European Convention on Spectator Violence and Misbehaviour at Sports Events and in particular at Football Matches (CETS No. 120)
In the early 1980′ the Council of Europe member States were starting to be concerned by the escalation of violence and misbehaviour amongst spectators at sports events, in particular at football matches.
Determined to take common and co-operative action to prevent and control the problem, the Committee of Ministers decided to create the European Convention on Spectator Violence and Misbehaviour at Sports Events and in particular at Football Matches.
The convention entered into force in 1985 and centres around three main themes: Prevention, Co-operation and Repression.
Prevention includes deploying public order resources in stadia and along the transit routes used by spectators; segregating rival groups of supporters; controlling ticket sales; excluding trouble-makers from stadia and matches; prohibiting the introduction and restricting the sale of alcoholic drinks in stadia; conducting security checks; clearly defining responsibilities between organisers and the public authorities; designing stadia in such a way as to guarantee spectator safety.
Co-operation between sports clubs, police and authorities of all countries concerned during the organisation of major international sports events is crucial in order to identify and eliminate possible security risks.
Repression is about the identification of trouble-makers and their exclusion from stadiums and matches; the transfer of legal proceedings to the country of origin for sentencing, extradition or the transfer of those found guilty of violence.
Responsible for the monitoring of the obligations stipulated in the convention is a Standing Committee, made up of one or more national delegates nominated by the governments of the States parties to the Convention. FIFA (Fédération Internationale de Football Association), UEFA (European Union Football Association) and FSE (Football Supporters Europe) have observer status.
At major international tournaments – World Cups, European Championships – an ad hoc working group is set up within the Standing Committee to evaluate the security provisions and, after the event in question, to evaluate the lessons learnt from them. These evaluation reports are then published.
In 1998, a special monitoring programme, aimed at studying how member States are implementing the convention, was launched. This programme includes the following mechanisms:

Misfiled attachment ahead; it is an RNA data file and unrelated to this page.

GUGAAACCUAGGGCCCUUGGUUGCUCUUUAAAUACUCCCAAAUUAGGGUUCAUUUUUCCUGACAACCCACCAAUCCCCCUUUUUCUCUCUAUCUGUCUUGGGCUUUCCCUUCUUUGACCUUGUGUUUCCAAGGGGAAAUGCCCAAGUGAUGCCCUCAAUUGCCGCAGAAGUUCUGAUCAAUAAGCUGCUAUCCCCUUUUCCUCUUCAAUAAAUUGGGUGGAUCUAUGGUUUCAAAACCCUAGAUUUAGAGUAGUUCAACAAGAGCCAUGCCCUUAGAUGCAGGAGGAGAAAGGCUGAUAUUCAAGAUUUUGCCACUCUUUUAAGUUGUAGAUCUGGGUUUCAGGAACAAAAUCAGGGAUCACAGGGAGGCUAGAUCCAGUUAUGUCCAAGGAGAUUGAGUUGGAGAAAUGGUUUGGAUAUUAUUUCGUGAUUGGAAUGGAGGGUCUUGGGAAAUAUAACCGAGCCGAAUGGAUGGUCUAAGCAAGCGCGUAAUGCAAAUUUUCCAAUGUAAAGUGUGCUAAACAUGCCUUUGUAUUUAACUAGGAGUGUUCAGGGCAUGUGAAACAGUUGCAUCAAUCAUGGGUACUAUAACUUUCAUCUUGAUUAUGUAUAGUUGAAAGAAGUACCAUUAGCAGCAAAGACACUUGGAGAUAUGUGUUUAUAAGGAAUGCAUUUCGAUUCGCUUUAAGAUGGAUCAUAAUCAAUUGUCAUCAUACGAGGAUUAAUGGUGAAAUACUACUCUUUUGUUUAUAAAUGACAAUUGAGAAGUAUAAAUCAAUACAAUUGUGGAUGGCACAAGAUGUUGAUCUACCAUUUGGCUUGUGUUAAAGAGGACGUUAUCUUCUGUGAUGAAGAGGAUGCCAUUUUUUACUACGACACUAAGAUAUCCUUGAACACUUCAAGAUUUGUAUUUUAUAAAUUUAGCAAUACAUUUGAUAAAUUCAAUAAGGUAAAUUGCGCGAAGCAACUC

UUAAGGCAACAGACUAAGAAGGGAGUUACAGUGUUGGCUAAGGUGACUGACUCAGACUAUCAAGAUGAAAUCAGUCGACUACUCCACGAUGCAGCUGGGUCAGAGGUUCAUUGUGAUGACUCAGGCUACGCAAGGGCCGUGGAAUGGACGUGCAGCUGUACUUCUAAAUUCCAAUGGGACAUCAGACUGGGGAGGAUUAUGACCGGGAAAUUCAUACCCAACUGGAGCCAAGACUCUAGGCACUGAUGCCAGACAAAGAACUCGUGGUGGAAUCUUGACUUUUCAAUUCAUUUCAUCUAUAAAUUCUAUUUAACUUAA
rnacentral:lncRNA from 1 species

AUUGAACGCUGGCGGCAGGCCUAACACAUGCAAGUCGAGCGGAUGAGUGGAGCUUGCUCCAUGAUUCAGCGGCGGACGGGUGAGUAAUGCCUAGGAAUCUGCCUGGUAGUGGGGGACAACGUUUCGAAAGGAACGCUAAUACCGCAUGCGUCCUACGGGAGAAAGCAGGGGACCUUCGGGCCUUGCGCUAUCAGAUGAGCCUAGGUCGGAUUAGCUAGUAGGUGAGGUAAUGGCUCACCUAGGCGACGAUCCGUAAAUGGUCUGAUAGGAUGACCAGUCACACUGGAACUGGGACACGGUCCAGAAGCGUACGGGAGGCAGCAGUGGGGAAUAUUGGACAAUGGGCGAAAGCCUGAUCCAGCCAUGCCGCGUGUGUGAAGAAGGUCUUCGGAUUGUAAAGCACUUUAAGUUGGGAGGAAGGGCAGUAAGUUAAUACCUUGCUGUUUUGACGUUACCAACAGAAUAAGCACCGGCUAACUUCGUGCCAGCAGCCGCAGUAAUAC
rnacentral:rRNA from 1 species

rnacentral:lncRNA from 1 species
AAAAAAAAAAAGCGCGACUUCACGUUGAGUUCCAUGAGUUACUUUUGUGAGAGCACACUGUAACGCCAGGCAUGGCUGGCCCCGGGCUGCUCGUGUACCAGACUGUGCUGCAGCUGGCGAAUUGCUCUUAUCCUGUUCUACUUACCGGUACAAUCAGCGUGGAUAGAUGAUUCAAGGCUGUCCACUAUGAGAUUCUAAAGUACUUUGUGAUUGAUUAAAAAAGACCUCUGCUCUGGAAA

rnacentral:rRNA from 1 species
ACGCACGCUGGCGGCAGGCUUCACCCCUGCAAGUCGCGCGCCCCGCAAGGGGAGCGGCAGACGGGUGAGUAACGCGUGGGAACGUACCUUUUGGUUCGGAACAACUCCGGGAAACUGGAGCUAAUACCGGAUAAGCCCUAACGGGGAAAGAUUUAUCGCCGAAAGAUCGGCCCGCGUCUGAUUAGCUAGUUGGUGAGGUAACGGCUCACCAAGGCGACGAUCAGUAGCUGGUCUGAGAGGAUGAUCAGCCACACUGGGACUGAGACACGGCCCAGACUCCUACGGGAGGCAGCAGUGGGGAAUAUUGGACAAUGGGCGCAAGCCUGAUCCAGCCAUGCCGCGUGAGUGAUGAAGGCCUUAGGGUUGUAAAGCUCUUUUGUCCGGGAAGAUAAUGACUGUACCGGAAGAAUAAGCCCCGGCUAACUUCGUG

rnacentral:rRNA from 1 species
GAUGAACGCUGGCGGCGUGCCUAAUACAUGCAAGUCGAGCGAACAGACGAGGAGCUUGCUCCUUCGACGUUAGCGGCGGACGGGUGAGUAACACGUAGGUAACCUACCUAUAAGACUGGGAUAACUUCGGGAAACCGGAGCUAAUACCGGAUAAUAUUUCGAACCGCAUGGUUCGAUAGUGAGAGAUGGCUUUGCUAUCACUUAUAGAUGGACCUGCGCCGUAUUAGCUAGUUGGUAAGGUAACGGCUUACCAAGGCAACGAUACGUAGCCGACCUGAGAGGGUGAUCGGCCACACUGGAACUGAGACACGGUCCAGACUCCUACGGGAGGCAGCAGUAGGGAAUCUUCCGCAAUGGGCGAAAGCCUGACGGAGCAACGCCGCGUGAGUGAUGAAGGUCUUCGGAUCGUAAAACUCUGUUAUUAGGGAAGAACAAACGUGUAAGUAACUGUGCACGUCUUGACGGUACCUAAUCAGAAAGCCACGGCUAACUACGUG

Annual reports: Each member state submits an annual report to the Standing Committee on the steps it is taking to implement the provisions of the convention.
Consultative visits: These country visits are organised in order to assist member states in the implementation of the convention.
Evaluation visits: During its visit, an evaluation team takes stock of the situation, discusses its findings with the country in question and then publishes a report. The evaluated country is asked to hand in a follow-up report on the progress made within two years after the visit. This report is published as well.
Auto-evaluations: Member states may decide to hand in auto-evaluations in order to provide the Standing Committee with detailed information on their actions taken with regard to combatting spectator violence.
Country profiles: The country profiles put together by the Council of Europe give an overview of the measures taken by each member state to ensure safety and security at sports events. Profiles are published and include information on:
- Legislations regulating safety and security of sport events
- Domestic co-ordination
- Policing of sport events
- Stadia and equipment
- Stewarding and hospitality
- Preventive measures
- Safety and security in general
Convention on an Integrated Safety, Security and Service Approach at Football Matches and other Sports events (CETS No. 218)
In the run-up to the EURO 2016 football tournament, the Council of Europe kicked off a new international convention. The Convention on an integrated safety, security and service approach at football matches and other sports events commits signatory States to:
- encourage public agencies and private stakeholders to work together in the preparation and running of football matches
- ensure that stadium infrastructure complies with national and international standards and regulations, for example regarding crowd management and safety
- make stadiums more accessible to children, the elderly and people with disabilities
- prevent and punish acts of violence and misbehaviour
- step up international police co-operation
The convention was opened for signature in 2016 at the Stade de France in Saint-Denis and entered into force in 2017. Eventually, the new treaty will replace the aforementioned European Convention on Spectator Violence and Misbehaviour at Sports Events and in particular at Football Matches (CETS No. 120).
Photos © Riot police: dpa;